VU
Glossy Black-cockatoo Calyptorhynchus lathami



Justification

Justification of Red List Category
Reporting rates suggest a rapid population decline of >30% has taken place over the last three generations. The threats causing this are still ongoing and is therefore suspected to decline by the same rate in the future. For this reason the species is evaluated as Vulnerable.

Population justification
Using density and occupancy estimates, the population sizes of C. l. lathami and C. l. halmaturinus have been estimated at 6,000-10,500 (best estimate 7,500) and 230-290 (best estimate 250) mature individuals respectively. The population of C. l. erebus, however, has not been estimated. Based on areas of suitable habitat, it is suspected to number c.2,000 mature individuals, however there is substantial uncertainty with this. Combining these and account for these uncertainties, the total population is suspected to number 7,000-14,000 mature individuals.

Trend justification

Data are inconsistent (both in their trend and reliability) across the three subspecies.

Trend data for C. l. lathami up to 2019 indicate rapid declines over the past three generations. Reporting rates from 500-m radius area searches across their range, arguably the most reliable of the available survey methods for the species, declined by 59% from 1999–2019, equivalent to a decline of 79% in three generations. However, there was no significant change in reporting rates between 1977–1981 and 1998–2001 either nationally (Barrett et al. 2002), or in New South Wales (Barrett et al. 2007) and the 2-ha 20-min survey data from 1999–2019 (BirdLife Australia 2020) was too variable to provide a reliable trend. Similarly, the reporting rates derived from an annual Glossy Black-Cockatoo birding day event held since 2010 across south-eastern Queensland and far north-eastern New South Wales revealed that these are stable with no significant decline over from 2010–2017 (Cameron et al. 2021). 

The population size and trend of C. l. erebus has not been estimated. Although the population has expanded its range to the Wet Tropics in the past 20 years (Garnett et al. 1999), high quality habitat at Eungella was badly burned in recent fires. Overall, the population of this taxon is believed to be comparatively small and probably stable (S. Garnett in litt. 2021).

The population of C. l. halmaturinus is tiny, hence although it has increased in the last three generations and effective management is expected to maintain the trajectory, its trend is unlikely to disrupt or affect the global trend.

Combining these analyses, Garnett & Baker (2021) inferred that the global rate of decline of this species is >30% over the past three generations and this is accepted here. Given the ongoing nature of the threats this rate is also suspected to continue in the future.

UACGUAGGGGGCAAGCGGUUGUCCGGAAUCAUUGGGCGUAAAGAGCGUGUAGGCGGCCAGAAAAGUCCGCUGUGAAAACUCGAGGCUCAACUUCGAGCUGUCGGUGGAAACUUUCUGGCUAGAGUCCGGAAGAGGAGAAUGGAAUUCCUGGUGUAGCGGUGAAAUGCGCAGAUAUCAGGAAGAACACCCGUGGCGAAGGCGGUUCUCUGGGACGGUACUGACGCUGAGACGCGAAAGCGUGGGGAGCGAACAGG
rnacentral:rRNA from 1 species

Distribution and population

C. l. lathami occurs from Bundaberg in Queensland, Australia through eastern New South Wales to eastern Gippsland, Victoria. They have a continuous distribution through the forested parts of the Great Dividing Range but are more scattered inland where they occur as far west as the Riverina and Pilliga Scrub in New South Wales, and St George in Queensland. C. l. erebus occurs in the Wet Tropics in Queensland. C. l. halmaturinus occurs only on Kangaroo Island, South Australia.

Ecology

C. l. lathami have an extremely restricted diet, eating only the seeds of a few species of Allocasuarina and, less often, Casuarina, favouring one or two species in any one region (Chapman 2007). They require large hollow-bearing trees for nesting, favouring areas with high densities of such trees (Higgins 1999, Cameron 2006b). While their strong bill gives them access to this nutritious, abundant and relatively stable food resource, intake rates are limited by handling time and cannot be accelerated if the food supply is short (Cameron 2005). The cockatoos lay a single egg in hollows in large old trees, particularly favouring dead trees (Cameron 2006b). C. l. halmaturinus feed almost exclusively on the seeds of drooping sheoak, preferring trees in which a high proportion of seeds contain kernels (Pepper et al. 2000, Crowley and Garnett 2001). Seed availability appears to be substantially lower after drought (Chapman 2005), in sheoaks more than 60 years old (Delzoppo 2018) and in trees <10 years old (Mooney and Pedler 2005) but planted sheoaks appear capable of producing seed more quickly than trees regenerating naturally (Cameron et al. 2021). When breeding, females lay a single egg in hollows in tall trees, particularly sugar gum Eucalyptus cladocalyx which are thought to take over 100 years to develop suitable nest hollows (Mooney and Pedler 2005) although many pairs now use artificial nest boxes (Berris 2016). Breeding birds return to the same nest site each year.